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Romaine Stec Somerville, an artwork historian and chief in Baltimore historic preservation, dies – Baltimore Sun

Romaine Stec Somerville, an artwork historian and chief in historic preservation circles who later directed the previous Maryland Historical Society, died of problems of a hip fracture Tuesday. She was a affected person on the Gilchrist Center in Towson.

She was 91 and lived in Bolton Hill for a few years.

“Romaine was a champion for preservation on all levels,” mentioned David H. Gleason, a good friend and fellow preservationist. “She sought to bring to light and to promote the history of Baltimore City. She was truly a great steward of Baltimore’s historic legacies.”

Born in Scranton, Pennsylvania, she was the daughter of Michael J. Stec, a doctor, and Julia, a trainer and homemaker. Her mother and father had been of Ukrainian ancestry. She earned levels at Marymount College and Columbia University, spent a yr on the Sorbonne in Paris and studied at Yale University. She loved horseback driving and snowboarding within the Poconos as a younger lady.

She took a job as a Baltimore Museum of Art ornamental arts curator shortly after taking a sabbatical from Yale.

“I arrived at Mount Vernon Place,” she mentioned of her 1960 introduction to Baltimore. “I looked around the square and fell madly in love with the architecture. I said to myself, ‘If this job is at all acceptable, I’m going to live in a city that has a monument like this.’”

She nonetheless thought it might be a brief job. But on a blind date on New Year’s Eve, she met her future husbandFrank P.L. Somerville on the L’Hirondelle Club. They married in 1962 and later renovated a Bolton Hill dwelling.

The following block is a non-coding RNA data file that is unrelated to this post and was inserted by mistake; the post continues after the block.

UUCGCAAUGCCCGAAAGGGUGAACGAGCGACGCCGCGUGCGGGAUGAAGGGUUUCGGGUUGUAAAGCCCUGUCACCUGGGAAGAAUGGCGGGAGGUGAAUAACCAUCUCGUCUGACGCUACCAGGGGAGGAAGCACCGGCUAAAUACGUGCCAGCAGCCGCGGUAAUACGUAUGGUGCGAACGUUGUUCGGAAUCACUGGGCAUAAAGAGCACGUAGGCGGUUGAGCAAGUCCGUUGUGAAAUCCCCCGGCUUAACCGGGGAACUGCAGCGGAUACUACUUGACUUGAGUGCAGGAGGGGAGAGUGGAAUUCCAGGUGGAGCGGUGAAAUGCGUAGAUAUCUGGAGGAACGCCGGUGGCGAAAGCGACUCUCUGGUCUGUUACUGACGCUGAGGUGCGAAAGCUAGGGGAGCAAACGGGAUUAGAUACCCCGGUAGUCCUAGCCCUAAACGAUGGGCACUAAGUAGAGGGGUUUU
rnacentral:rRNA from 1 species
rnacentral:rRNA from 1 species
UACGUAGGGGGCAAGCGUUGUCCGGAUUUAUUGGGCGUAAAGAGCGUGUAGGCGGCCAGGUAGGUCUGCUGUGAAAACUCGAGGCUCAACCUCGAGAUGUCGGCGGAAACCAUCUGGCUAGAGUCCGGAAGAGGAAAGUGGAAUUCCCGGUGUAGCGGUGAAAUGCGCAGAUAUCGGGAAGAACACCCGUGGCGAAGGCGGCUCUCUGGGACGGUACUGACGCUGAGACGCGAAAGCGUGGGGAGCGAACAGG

“For 60 years, she devoted herself to protecting and promoting the history, art, culture and architecture of the city of Baltimore and the state of Maryland,” mentioned her daughter, Julia Somerville Ulstrup. “She worked to make the city a better place for its residents. She was proud to be a Baltimorean.”

Mrs. Somerville went on to turn out to be the chief director of the town’s Commission for Historical and Architectural Preservation. She labored to ascertain Baltimore’s first 5 historic neighborhood districts at Mount Vernon, Bolton Hill, Seton Hill, Union Square and Dickeyville. She was additionally an advocate of Baltimore’s greenback home homesteading program.

Her daughter mentioned she was an opponent of a deliberate interstate freeway by the town that will have worn out neighborhoods. She additionally spoke in opposition to a plan to take away Baltimore City Hall’s landmark cast-iron dome within the Seventies. Decades later, she assisted the rebirth of The Peale on Holliday Street.

“I keep in mind as a child, having a station wagon filled with bumper stickers saying, ‘Save the City Hall Dome,” her daughter said.

Friends said she retained her scholarly ways before she became a curator at the Maryland Historical Society, now known as the Maryland Center for History and Culture, a post she held from 1978 to 1984. She was its first woman director.

“She was a trailblazer at the Maryland Historical Society,” said Mark Letzer, president of the Maryland Center for History and Culture. “She had the best twinkle in her eye. She was cherubic and worked miracles wherever she went.”

Stiles T. Colwill, a friend and curator, said: “Romaine was a towering figure in Baltimore’s arts group. She inspired all of the youthful curators she employed to do main exhibitions and catalogs. When I requested about doing a present on the painter Francis Guy, she mentioned, “Run with it.”